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2006 Large Grants Projects

New York

Native Successional Forest Restoration

Grantee: Edith G. Read Natural Park and Wildlife Sanctuary
Long Island Sound Futures Funds: $35,000
Matching Contributions: $16,761
Total Project Costs: $51,761
Project Area: Rye, New York

The Edith G. Read Natural Park and Wildlife Sanctuary will restore a .9-acre parcel and 25-foot buffer zone currently overgrown with invasive species of plants by removing the invasive plants and restoring the site to establish a native meadow and successional forest for resident and migratory birds. The Edith G. Read Natural Park and Wildlife Sanctuary is part of the pilot site of the Long Island Sound Stewardship Initiative and an Important Bird Area designated by the National Audubon Society.

Oyster Bay/Cold Spring Harbor Watershed Fish Passage Assessment Project

Grantee: Trout Unlimited, Long Island Chapter
Long Island Sound Futures Funds: $32,000
Matching Contributions: $17,000
Total Project Costs: $49,000
Project Area: Oyster Bay/Cold Spring Harbor, New York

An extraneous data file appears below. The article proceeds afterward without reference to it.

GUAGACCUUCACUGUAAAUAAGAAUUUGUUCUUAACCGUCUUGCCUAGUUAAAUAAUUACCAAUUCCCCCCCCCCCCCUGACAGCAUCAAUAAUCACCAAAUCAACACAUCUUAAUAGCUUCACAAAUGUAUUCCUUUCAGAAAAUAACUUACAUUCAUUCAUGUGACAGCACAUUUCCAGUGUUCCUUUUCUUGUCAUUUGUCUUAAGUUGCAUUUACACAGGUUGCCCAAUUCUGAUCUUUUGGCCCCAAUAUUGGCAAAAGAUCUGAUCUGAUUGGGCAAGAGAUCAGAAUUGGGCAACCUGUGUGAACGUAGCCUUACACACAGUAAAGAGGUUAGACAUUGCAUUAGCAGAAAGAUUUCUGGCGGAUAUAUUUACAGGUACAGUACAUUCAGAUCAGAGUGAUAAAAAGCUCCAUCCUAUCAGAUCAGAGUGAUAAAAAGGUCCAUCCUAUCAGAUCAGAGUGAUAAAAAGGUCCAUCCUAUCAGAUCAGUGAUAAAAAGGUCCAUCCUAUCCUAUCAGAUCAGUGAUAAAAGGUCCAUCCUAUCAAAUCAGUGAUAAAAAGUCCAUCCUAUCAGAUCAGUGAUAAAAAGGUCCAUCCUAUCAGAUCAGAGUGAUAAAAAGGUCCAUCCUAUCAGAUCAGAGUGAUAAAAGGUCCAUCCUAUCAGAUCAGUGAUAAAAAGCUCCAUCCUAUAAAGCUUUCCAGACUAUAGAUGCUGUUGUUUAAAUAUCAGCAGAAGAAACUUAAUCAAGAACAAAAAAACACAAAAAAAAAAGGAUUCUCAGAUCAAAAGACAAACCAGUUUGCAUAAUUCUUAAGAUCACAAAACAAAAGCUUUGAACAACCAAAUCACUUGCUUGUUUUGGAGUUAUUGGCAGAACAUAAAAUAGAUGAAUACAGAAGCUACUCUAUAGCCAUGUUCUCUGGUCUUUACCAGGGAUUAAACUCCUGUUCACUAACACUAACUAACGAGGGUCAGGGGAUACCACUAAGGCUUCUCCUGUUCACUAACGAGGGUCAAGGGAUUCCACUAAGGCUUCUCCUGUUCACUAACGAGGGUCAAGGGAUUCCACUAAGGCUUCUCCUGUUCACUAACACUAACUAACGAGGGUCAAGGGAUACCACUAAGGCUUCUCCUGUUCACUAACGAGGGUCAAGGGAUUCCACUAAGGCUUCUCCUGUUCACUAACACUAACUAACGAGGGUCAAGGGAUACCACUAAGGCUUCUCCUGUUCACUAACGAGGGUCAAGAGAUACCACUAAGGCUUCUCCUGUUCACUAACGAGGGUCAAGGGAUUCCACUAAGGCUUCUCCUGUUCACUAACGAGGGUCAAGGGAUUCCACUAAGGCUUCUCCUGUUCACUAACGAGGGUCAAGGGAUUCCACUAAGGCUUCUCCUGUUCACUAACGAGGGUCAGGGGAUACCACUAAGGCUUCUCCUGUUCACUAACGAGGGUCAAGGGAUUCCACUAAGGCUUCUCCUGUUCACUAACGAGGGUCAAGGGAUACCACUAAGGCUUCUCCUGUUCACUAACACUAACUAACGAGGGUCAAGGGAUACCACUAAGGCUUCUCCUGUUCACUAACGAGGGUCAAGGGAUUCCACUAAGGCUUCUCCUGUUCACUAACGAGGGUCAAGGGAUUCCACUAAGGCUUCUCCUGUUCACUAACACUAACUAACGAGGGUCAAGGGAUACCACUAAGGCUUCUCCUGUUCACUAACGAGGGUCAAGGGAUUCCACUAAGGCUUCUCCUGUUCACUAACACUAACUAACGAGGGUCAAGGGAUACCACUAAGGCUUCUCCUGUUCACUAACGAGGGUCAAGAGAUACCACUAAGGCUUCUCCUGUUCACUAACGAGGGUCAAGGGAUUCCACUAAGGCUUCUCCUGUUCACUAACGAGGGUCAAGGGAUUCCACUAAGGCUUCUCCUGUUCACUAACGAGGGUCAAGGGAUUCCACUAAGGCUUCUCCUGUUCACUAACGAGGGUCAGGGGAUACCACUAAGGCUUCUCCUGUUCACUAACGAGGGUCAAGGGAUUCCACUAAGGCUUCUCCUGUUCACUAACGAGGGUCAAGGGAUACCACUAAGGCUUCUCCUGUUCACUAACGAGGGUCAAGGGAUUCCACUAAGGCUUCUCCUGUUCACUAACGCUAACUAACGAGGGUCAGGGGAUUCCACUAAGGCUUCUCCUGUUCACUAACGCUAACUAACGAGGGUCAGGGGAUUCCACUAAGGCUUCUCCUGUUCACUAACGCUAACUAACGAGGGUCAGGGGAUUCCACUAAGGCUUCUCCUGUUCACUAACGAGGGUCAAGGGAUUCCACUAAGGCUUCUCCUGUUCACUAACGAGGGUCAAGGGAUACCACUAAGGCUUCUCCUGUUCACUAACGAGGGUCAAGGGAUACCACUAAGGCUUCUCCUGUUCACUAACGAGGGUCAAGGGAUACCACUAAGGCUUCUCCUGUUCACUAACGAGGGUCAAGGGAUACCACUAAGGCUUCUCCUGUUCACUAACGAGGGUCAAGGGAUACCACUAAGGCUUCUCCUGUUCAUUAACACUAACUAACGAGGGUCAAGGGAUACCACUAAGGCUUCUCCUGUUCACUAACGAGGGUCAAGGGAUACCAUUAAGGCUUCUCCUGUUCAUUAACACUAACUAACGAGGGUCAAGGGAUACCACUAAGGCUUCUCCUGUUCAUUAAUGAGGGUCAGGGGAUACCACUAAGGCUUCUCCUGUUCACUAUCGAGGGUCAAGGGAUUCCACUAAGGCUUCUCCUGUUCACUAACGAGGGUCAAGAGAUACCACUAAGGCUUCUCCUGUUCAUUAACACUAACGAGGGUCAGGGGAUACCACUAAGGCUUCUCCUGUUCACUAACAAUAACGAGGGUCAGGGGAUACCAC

The Long Island Chapter of Trout Unlimited will conduct a fish passage assessment of the Oyster Bay/Cold Spring Harbor Watershed and its subwatersheds. This project will develop a habitat and engineering assessment to address the impact of barriers on diadromous fisheries including the only spawning population of sea-run brook trout in Nassau County and on alewife, American eel and rainbow smelt. The findings of the assessment will be presented at two public meetings. The grantee will also pursue 1-3 individual fish passage projects to open three miles to fish passage. The Oyster Bay – Cold Spring Harbor Estuary is recognized by New York State as a Significant Coastal Fish and Wildlife Habitat and as an Outstanding Natural Coastal Area. The US Fish and Wildlife Service recognizes the area as habitat or regional significance for restoration of anadromous fish passage. The watershed hosts the Oyster Bay National Wildlife Refuge and the Shu Swamp Nature Preserve. The project also contributes towards attaining the Long Island Sound Study’s Comprehensive Conservation and Management Plan goal to reestablish migratory finfish passage. Project partners include Environmental Defense and the Friends of the [Oyster] Bay.

Long Island Sound Eelgrass Restoration: Phase II

Grantee: Cornell University Cooperative Extension, Marine Program
Long Island Sound Futures Funds: $50,000